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Food for Thought is proud to introduce the Thermal Breast Scan in the fight against breast cancer. The Thermal Breast Scan is new technology and aids in early breast cancer detection. Unlike mammography, the Thermal system does not expose you to radiation and involves no breast compression. It is also suitable for younger women (age 18-39), pregnant women, those with implants or dense breasts, post-partial mastectomy/lumpectomy and those with a history of concerning mammograms or biopsies.

Recent studies examining the cancer detection performance of “mammography alone”, especially in high risk women (e.g. family history, genetic tendencies, dense breast tissue, etc) have been extremely disappointing. Adding an FDA approved adjunct, the Thermal infrared “physiologic breast imaging” technology to the clinical exam and mammography is the approach we are recommending for virtually all women. It makes sense that this “multimodality approach” (clinical examination + infrared + mammography) would be the best approach for early detection of breast cancer.

In 2014, the Swiss Medical Board conducted a review of the practice of using mammography for screening purposes. The following was reported in The New England Journal of Medicine (23 April 2014 “Abolishing Mammography Screening Programs? A view from the Swiss Medical Board”):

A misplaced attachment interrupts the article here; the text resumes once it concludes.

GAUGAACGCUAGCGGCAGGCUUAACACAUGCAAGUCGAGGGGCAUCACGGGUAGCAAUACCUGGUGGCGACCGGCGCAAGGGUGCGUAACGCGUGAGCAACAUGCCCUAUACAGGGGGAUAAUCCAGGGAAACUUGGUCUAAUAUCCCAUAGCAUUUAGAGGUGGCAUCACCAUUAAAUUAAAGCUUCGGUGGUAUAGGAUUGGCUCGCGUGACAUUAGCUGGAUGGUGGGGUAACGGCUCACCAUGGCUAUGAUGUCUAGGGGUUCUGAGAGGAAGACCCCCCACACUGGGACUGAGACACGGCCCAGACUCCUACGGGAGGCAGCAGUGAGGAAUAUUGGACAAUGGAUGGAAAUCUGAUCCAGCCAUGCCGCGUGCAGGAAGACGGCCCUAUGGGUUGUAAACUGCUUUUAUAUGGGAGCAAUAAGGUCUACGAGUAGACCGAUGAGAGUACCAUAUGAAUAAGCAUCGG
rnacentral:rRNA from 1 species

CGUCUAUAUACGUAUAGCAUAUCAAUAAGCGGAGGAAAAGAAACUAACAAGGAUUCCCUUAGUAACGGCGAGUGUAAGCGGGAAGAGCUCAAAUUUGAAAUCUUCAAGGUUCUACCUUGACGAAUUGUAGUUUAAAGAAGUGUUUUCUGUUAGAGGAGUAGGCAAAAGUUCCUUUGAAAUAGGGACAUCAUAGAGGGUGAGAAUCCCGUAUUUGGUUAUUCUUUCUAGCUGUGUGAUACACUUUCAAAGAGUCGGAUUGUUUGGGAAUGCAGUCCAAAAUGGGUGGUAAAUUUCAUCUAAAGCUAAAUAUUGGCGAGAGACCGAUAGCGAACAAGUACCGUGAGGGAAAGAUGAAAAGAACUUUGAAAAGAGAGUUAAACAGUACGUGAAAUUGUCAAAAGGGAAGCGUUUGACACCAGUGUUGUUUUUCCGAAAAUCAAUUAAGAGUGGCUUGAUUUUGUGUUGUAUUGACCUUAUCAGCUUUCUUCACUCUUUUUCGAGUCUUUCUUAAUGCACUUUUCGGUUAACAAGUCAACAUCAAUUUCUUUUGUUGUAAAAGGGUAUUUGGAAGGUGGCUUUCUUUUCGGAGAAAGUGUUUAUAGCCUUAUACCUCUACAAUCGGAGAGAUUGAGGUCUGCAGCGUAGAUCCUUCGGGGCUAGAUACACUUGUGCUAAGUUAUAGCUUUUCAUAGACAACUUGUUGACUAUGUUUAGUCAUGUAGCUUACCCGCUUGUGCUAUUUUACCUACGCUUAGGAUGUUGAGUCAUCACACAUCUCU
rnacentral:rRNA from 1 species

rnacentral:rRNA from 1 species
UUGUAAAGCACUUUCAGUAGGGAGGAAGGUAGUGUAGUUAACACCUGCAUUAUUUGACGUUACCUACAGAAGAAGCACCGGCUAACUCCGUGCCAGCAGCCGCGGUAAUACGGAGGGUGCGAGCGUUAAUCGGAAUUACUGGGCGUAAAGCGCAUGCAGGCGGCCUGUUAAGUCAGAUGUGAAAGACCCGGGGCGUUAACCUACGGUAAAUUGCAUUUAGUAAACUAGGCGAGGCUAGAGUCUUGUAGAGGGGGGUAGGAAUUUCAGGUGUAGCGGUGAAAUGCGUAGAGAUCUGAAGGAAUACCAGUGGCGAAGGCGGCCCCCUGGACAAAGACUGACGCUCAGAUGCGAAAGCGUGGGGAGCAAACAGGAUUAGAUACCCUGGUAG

It acknowledged that systematic mammography screening might prevent about one death attributed to breast cancer for every 1000 women screened, even though there was no evidence to suggest that overall mortality was affected. At the same time, it emphasized the harm — in particular, false positive test results and the risk of over-diagnosis. For every breast-cancer death prevented in U.S. women over a 10-year course of annual screening from age 50:

· 490 to 670 women are likely to have a false positive mammogram with repeat examination;

· 70 to 100 an unnecessary biopsy;

· 3 to 14 an over-diagnosed breast cancer that would never have become clinically apparent.

As a result of this review, the Board recommended that no new systematic mammography programs be introduced and that a time limit be placed on existing programs. In addition, it stipulated that the quality of all forms of mammography screening should be evaluated and that clear and balanced information should be provided to women regarding the benefits and harms of screening.